Force support officers represent flexibility in changing environment
/ Published April 02, 2009
RANDOLPH AIR FORCE BASE, Texas --
Responding to evolving needs from the field has prompted several transformations in the manpower, personnel and services community over the past few years, including the recent stand up of an initial skills training course for force support officers.
"Our Air Force officers are showing great initiative and drive as they transition into the role of force support officers," Mark Doboga, director of Plans and Integration at the Pentagon, said of the 38F IST course participants at Keesler AFB, Miss. "It's this adaptability in our Air Force men and women that will help us succeed in meeting the changing needs of our Total Force Airmen, their families and commanders at home and in contingency operations."
In 2006, Air Force officials began merging the manpower, personnel and services career fields to streamline programs responsible for "all things people," from taking care of families to working assignments and everything in between.
On Oct. 31, services joined with the previously-merged manpower and personnel career fields, forming the 38F Force Support Officer Air Force Specialty Code.
To facilitate the integration, the first FSO IST course was offered in October. It is now in its second iteration of students.
The course brings together skill sets from all three legacy career fields in order to give graduates a broader scope of knowledge, making them even more valuable to Airmen and commanders.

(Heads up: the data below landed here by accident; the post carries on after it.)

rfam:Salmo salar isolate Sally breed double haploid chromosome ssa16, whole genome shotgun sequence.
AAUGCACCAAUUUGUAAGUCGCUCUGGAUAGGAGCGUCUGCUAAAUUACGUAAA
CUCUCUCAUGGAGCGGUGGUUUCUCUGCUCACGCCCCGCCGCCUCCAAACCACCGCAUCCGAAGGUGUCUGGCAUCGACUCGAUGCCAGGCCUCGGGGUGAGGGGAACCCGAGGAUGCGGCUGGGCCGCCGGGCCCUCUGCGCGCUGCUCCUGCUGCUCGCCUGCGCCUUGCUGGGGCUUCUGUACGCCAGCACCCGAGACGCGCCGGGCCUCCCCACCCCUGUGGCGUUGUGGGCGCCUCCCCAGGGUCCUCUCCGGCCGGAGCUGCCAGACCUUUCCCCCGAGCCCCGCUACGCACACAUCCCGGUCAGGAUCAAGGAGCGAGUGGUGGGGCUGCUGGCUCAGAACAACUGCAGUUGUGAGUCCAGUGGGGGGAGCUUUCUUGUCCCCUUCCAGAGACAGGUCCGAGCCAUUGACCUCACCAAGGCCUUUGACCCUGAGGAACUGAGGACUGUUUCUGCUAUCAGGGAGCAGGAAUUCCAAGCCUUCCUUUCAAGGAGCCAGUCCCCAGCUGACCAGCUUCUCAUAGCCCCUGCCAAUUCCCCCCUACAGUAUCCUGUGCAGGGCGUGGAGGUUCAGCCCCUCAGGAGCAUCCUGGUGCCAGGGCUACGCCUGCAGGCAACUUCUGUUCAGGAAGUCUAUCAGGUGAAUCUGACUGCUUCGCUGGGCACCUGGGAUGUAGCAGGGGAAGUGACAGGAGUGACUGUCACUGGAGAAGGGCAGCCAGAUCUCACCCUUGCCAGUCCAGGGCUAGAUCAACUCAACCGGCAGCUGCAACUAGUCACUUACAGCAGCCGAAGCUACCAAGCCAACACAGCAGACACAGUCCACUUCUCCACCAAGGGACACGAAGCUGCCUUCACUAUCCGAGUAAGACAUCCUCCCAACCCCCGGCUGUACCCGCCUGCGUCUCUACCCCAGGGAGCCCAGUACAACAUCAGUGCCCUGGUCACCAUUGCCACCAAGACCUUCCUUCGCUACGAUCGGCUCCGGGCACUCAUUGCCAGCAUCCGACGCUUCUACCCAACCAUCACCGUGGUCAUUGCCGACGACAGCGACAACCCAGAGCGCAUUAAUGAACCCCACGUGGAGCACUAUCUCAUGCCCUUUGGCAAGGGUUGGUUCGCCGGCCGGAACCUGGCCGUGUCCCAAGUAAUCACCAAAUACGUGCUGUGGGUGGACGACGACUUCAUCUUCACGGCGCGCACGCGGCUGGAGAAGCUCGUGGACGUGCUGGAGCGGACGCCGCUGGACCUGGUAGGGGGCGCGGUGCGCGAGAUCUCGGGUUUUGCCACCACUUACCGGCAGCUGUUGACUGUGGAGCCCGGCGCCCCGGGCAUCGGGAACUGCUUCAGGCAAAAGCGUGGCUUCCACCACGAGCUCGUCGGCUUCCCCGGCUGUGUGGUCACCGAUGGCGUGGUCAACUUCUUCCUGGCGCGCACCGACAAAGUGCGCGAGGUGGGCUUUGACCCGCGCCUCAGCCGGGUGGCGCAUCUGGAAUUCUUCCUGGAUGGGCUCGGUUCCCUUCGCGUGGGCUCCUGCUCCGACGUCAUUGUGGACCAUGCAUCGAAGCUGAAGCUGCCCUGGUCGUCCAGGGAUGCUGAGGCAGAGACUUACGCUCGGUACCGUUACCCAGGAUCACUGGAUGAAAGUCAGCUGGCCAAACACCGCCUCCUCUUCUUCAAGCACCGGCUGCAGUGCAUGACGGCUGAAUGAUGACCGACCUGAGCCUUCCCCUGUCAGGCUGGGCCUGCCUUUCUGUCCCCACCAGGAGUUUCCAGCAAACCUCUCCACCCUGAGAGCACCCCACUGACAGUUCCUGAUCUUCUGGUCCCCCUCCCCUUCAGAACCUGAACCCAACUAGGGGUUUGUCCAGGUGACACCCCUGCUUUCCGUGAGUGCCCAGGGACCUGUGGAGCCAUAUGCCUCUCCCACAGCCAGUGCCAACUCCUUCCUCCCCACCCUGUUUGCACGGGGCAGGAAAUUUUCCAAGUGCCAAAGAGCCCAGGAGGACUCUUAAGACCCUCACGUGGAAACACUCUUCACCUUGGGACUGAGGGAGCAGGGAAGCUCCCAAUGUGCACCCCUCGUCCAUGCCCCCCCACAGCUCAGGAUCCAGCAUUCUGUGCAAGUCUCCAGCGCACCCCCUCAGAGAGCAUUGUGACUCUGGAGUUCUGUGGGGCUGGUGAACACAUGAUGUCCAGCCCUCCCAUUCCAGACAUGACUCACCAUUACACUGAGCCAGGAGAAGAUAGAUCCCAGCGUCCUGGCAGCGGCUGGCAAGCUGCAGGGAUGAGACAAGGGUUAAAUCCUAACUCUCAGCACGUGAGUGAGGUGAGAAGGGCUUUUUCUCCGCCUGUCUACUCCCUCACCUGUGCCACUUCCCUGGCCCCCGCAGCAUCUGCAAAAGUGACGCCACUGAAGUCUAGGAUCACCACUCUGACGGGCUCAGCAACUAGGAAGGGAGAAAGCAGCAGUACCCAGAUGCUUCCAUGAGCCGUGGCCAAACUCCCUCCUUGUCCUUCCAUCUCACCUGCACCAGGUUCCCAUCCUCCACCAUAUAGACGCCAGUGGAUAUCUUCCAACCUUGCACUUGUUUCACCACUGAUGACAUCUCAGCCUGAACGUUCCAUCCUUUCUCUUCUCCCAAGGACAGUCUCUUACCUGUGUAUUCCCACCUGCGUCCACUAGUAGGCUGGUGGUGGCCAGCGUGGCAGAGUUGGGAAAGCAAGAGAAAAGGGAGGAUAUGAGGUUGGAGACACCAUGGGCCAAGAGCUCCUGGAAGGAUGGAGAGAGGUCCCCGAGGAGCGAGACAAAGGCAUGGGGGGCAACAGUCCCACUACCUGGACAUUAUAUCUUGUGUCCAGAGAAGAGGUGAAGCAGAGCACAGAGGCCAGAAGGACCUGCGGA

The course also includes a one-week field training exercise. This capstone event allows students to apply their new skill sets in a deployed environment. The contingency exercise also ensures students are deployment-ready when they return to their bases.
"It is important we give our new officers a strong foundation for success. The Keesler school house has made that a priority. We are producing officers with a broad background, ready to provide excellent service to our Airmen," said Brig. Gen. Darrell Jones, director of Force Management Policy at the Pentagon.
During a recent visit to the schoolhouse, General Jones and Mr. Doboga participated in a ribbon cutting ceremony to officially dedicate the newly renovated hallway for the IST course.
"Everything in our seven classrooms and two offices were modernized for this course, from the tile to the recessed lighting," said Capt. Michael Stone, Force Support Training Flight Commander for the 335th Training Squadron. "We expect to occupy all seven classrooms when we hit maximum student capacity this summer."
The maximum student load for the FSO course is 100 students.
To ensure FSOs as ready to serve as key advisors for their commanders, the course is designed to be fluid and responsive to feedback from the area of responsibility and home base.
"Keeping our curriculum reflective of the career field in its most current state will require constant communication between the schoolhouse, Air Force Personnel Center, Air Force Manpower Agency, Air Force Services Agency and the Air Staff," said Captain Stone. "We're looking forward to their comments."
For more information on the new AFSC, visit your Force Support Squadron or call the Total Force Service Center at 800-525-0102 or DSN 665-5000.